As one of the most common narcotics found on the streets of America, cocaine has many popular and endearing nicknames. Some common street names include:

  • Blow
  • Bump
  • Coke
  • Cola
  • C
  • Dust
  • Line
  • Powder
  • Pearl
  • Rail
  • Snow
  • Yeyo

If other cutting agents are added, it can also be referred to as speedballs, woo-woo, cocopuffs, snow seals and flamethrowers.

Like cocaine, crack cocaine has many street names. Crack is also called:

  • Candy
  • Chemical
  • Cookies
  • Dice
  • Gravel
  • Grit
  • Hail
  • Hard rock
  • Jelly beans
  • Rock
  • Sleet
  • Yam

Neurological Effects of Coke in Women

The addictive effects of coke is attributed to its effects on the central nervous system (CNS). This is otherwise known as the brain. The compound interferes with the uptake and metabolism of various neurotransmitters. Neurotransmitters are molecules responsible for stimulating a sense of pleasure. The neurotransmitters affected by cocaine include dopamine, norepinephrine, serotonin and acetylcholine.

When cocaine is in the body, it prevents the nerves from reabsorbing these molecules. This results in an abundance of them accumulating at the post-synaptic receptors sites. These sites stimulate certain senses. By staying in the receptor sites, these neurotransmitters continue to stimulate the nerves to create a sense of euphoria.

Both men and women respond differently to drugs. Women are much more susceptible to cocaine dependence and addiction than men. This is largely due to the fact that cocaine affects key-regions of the brain in a different in women than in men. These regions play a critical role in addiction and dependence. The respective roles of the key-regions in the brain affected include:

  • The right nucleus accumbens: Increased activity enhances the pleasurable effects of the drug, as well as the intensity of the cravings.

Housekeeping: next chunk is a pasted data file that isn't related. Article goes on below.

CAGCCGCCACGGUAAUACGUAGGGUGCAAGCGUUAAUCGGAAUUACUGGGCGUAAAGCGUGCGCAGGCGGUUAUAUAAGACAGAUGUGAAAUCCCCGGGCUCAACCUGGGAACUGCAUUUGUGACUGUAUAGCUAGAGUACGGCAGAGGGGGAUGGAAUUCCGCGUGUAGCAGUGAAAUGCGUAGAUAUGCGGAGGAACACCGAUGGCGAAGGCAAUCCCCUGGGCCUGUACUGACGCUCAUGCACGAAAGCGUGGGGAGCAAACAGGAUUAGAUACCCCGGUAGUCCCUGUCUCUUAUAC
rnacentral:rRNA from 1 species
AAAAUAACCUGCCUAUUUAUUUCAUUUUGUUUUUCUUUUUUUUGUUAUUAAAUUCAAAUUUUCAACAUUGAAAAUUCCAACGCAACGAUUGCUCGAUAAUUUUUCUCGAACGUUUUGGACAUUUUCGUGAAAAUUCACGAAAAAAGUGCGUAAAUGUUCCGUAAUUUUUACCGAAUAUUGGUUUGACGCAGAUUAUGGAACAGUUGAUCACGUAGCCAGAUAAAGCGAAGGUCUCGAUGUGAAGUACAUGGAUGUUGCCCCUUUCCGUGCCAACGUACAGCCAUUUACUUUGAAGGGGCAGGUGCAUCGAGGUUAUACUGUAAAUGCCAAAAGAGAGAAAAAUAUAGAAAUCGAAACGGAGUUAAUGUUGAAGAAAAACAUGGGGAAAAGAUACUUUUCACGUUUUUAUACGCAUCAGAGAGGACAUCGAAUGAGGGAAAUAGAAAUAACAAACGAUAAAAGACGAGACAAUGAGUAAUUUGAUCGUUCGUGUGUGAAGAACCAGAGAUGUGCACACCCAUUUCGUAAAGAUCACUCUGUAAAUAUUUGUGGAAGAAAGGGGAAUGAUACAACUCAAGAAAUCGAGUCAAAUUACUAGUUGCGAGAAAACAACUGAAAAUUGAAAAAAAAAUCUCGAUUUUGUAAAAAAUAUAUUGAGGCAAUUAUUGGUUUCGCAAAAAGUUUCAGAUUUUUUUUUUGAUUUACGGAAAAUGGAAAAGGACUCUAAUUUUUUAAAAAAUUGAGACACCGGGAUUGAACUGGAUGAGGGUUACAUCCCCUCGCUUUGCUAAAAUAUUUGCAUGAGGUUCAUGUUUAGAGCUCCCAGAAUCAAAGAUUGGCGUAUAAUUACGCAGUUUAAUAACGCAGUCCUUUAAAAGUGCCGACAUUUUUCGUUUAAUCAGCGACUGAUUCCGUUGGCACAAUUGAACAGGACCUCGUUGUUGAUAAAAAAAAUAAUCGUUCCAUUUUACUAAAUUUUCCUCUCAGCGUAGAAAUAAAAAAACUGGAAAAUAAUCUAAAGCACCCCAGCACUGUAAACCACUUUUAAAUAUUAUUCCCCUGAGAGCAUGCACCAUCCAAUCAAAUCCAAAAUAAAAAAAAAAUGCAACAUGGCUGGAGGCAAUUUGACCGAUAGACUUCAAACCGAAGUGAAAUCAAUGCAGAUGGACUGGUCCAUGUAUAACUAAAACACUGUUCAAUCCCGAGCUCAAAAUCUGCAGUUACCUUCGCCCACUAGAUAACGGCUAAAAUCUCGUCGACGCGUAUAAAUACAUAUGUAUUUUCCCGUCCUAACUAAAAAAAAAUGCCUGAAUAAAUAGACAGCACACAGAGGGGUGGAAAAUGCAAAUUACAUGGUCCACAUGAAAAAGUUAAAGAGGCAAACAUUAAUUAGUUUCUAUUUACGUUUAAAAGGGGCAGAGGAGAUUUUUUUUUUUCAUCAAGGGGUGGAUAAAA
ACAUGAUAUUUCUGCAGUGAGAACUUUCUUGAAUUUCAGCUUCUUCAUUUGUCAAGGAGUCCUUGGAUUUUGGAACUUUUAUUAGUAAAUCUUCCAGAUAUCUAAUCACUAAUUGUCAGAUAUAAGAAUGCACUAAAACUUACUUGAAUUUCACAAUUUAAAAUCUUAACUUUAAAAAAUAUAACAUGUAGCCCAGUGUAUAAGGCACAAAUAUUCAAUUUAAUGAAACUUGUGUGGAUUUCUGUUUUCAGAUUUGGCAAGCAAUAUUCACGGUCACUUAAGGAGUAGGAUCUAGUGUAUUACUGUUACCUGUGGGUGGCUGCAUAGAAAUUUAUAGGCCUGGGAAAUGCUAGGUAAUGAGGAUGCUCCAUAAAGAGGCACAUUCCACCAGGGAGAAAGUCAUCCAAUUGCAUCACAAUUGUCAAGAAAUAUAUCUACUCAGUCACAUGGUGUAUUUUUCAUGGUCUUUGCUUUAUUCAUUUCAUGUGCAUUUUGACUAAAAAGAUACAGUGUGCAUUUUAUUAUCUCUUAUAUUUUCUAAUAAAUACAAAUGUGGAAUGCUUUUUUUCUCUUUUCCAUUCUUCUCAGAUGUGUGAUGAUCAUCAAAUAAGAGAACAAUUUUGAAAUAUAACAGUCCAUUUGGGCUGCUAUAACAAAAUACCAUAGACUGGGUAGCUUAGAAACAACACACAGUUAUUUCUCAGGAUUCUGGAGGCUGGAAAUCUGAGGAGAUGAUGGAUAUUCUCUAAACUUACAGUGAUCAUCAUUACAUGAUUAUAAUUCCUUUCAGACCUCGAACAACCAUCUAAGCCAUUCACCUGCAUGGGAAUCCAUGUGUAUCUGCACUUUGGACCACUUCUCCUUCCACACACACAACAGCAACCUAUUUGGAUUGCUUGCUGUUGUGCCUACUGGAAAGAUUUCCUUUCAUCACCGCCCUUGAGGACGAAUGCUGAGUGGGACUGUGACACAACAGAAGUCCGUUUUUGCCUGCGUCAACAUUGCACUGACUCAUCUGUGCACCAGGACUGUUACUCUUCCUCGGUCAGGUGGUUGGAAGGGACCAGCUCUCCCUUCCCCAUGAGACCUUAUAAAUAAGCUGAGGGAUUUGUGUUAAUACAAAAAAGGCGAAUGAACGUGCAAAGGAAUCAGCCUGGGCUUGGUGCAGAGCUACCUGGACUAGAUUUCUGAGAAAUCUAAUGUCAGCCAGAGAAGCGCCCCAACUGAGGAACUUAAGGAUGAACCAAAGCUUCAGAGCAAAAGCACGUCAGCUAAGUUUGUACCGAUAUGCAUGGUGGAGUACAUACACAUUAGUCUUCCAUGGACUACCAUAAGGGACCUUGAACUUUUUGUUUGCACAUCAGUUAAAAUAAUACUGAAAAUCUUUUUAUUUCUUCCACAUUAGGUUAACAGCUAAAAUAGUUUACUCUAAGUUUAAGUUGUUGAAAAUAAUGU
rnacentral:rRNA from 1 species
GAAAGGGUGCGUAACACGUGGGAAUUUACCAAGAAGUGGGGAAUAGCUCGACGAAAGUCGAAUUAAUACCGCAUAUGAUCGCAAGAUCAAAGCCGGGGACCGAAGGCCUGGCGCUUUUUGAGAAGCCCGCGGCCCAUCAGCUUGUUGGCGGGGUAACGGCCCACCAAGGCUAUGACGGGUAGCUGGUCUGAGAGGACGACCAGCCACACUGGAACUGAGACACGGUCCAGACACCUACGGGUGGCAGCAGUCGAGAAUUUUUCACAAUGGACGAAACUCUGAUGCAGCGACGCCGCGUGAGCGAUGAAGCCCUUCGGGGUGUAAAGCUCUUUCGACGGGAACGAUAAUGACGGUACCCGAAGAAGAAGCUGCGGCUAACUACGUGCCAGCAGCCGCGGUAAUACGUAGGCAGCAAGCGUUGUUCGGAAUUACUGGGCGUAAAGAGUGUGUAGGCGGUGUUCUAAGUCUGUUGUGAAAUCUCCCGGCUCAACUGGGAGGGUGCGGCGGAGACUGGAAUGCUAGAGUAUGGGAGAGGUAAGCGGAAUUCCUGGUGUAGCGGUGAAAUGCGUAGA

• The amygdala: Decreased activity reduces the ability to form associations between experiences and emotional consequences.
  • The dorsal anterior cingulate cortex: Increased activity inhibits cognitive control over drug-seeking behavior.
  • The ventral anterior cingulate cortex: Increased activity regulates an emotional response to using the drug and intensifies cravings.
  • The frontal cortex: Increased activity enhances emotional response to the drug.

The activity in these key-regions of a woman’s brain differ from the activities in a man’s brain. These distinct neurological effects in women lead to an increased risk of addiction. Women tend to experience more intense cravings and withdrawal symptoms. These effects are also thought to encourage relapses more often in women than in men. Women who are overcoming a coke addiction should seek professional help. Rehab treatment programs will reduce and better manage the withdrawal symptoms.


Signs of Cocaine Use in Women

Many cocaine users are functioning addicts. They are able to keep a job and perform daily errands while keeping their coke addiction a secret. Since cocaine is a stimulant, there are still a few tell-tale signs of a coke habit. Those wondering how to spot a coke addict should look for the following signs:

  • Odd sleeping patterns since this stimulant often keeps addict up at night